COLUMN: Sun Belt product grows even weaker

Brad Stephens

Karl Benson preached quality over quantity when he was named Sun Belt Conference commissioner in February.

He spoke of “greater bowl opportunities, with greater TV opportunities, with greater revenue opportunities” for his new league.

Benson said the Sun Belt was making a “message” that the league “will be and could be an attractive landing spot for any current Football Bowl Subdivision member in the footprint.”

It doesn’t appear the FBS schools within said footprint received Benson’s message.

The Sun Belt on Wednesday added Texas State. The Bobcats will join Georgia State as new league members in 2013.

Those two schools help replace Florida International, which has gone to Conference-USA, and North Texas, which will likely make the same move, giving the Sun Belt 10 football-playing members.

Georgia State brings a football program about to start just its third season and a men’s basketball team that’s been to two NCAA Tournaments.

Texas State brings a football program yet to play a down as an FBS member and a men’s basketball team that’s also been to just two NCAA Tournaments, the last of which came in 1997.

Both of these schools will dilute men’s basketball, something WKU fans are already sick of seeing from their team’s conference.

Neither Georgia State nor Texas State will really help football either, other than marching the league closer to the 12-football playing-school milestone needed for a Sun Belt championship game.

Both the Panthers and Bobcats look like candidates for guarantee game fodder and 3-5 league records. They’re not the kind of teams that will raise the league’s mediocre football reputation.

Expect more of the same from other teams that join the league.

Established FBS schools within the league’s footprint, like Louisiana Tech, are joining the C-USA instead of the Sun Belt.

Standing two teams short of a potential conference championship, Benson and Co., have two real options.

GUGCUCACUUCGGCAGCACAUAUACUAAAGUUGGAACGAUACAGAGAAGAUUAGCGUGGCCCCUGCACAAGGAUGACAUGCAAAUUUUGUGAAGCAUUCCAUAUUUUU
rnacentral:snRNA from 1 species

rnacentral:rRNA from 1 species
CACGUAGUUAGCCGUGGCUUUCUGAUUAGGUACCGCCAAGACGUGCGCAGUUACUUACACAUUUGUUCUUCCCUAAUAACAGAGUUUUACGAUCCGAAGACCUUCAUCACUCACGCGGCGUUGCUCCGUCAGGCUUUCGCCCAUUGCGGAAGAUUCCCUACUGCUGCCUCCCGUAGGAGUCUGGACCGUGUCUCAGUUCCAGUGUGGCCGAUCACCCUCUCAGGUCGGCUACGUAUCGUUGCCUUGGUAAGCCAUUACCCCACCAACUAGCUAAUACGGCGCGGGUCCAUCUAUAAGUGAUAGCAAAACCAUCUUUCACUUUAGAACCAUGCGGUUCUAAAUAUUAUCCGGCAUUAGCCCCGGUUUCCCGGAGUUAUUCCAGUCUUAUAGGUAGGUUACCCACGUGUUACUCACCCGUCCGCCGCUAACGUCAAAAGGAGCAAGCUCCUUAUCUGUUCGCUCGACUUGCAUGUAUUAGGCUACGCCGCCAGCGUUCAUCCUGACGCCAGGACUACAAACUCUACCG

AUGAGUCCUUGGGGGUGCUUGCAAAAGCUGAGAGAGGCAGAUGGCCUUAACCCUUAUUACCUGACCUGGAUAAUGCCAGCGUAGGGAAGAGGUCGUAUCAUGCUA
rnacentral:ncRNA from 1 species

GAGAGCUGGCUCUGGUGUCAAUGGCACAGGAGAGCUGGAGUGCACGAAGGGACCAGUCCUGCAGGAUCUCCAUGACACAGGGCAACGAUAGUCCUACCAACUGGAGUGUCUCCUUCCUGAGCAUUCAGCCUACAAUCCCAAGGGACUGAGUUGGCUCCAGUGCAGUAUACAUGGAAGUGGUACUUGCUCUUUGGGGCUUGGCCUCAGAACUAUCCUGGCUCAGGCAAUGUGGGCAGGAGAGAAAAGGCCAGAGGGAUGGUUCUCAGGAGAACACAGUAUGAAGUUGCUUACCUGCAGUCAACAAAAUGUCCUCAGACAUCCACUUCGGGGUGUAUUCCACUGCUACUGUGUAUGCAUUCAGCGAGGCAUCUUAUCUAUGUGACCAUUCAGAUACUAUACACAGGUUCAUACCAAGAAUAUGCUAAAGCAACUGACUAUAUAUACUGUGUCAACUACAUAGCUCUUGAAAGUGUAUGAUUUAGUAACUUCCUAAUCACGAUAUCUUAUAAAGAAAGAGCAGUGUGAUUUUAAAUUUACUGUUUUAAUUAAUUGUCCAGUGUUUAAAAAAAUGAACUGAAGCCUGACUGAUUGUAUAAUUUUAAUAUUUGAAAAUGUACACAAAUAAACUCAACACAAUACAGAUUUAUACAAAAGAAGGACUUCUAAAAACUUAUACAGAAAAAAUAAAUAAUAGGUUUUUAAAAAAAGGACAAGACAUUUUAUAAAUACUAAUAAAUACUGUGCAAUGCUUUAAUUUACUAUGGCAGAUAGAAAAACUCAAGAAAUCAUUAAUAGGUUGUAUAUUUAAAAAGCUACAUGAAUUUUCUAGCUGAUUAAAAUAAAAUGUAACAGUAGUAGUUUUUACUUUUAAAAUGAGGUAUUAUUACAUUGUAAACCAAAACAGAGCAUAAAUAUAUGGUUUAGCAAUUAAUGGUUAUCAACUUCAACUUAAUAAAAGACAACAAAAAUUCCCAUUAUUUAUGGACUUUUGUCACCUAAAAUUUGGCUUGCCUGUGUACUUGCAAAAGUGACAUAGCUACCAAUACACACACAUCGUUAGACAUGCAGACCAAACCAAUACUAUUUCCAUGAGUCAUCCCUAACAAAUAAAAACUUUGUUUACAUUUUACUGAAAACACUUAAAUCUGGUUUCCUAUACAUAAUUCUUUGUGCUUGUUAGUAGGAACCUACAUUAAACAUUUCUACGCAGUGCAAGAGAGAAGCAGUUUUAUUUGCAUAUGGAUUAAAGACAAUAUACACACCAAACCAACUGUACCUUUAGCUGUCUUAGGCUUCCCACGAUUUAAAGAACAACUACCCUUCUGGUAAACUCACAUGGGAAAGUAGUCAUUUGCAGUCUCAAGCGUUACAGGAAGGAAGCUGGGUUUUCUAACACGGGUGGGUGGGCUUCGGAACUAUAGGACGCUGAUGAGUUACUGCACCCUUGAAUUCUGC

The Sun Belt could scrape Idaho and New Mexico State from the dying Western Athletic Conference and add them as football-only members, just as it did in 2001.

That would allow the league to meet both minimum requirements for a conference championship and, with the reported addition of non-football-playing Texas-Arlington, keep two six-team divisions.

But who of you WKU fans really want to make long road trips to watch the Toppers play lightweights like Idaho and New Mexico State?

The Sun Belt’s other choice would be adding two more FCS schools as full members, requiring an immediate transition to the FBS.

Plenty of names have been tossed around as to who those teams would be, with FCS powers Appalachian State and Georgia Southern standing out as popular candidates.

But adding two brand new FBS members to a league already trying to break Texas State and Georgia State into the FBS will make for some brutal football.

The greater bowl, TV and revenue opportunities Benson promised likely won’t come with any real significance from either option.

The appearance of the Sun Belt as an attractive FBS landing spot won’t be helped either.

Instead, the Sun Belt sits as a sort of purgatory football conference, able to partake in bowl games if given the chance, but without the prestige to play in a bowl game that means nothing.

As for the other high-revenue sport, men’s basketball, the Sun Belt’s reputation as one-bid league has been further cemented.

In the conference realignment carousel, the Sun Belt is a clear loser.

Benson has tried to keep up with the carousel by adding teams to the league.

But quality hasn’t been gained in the process.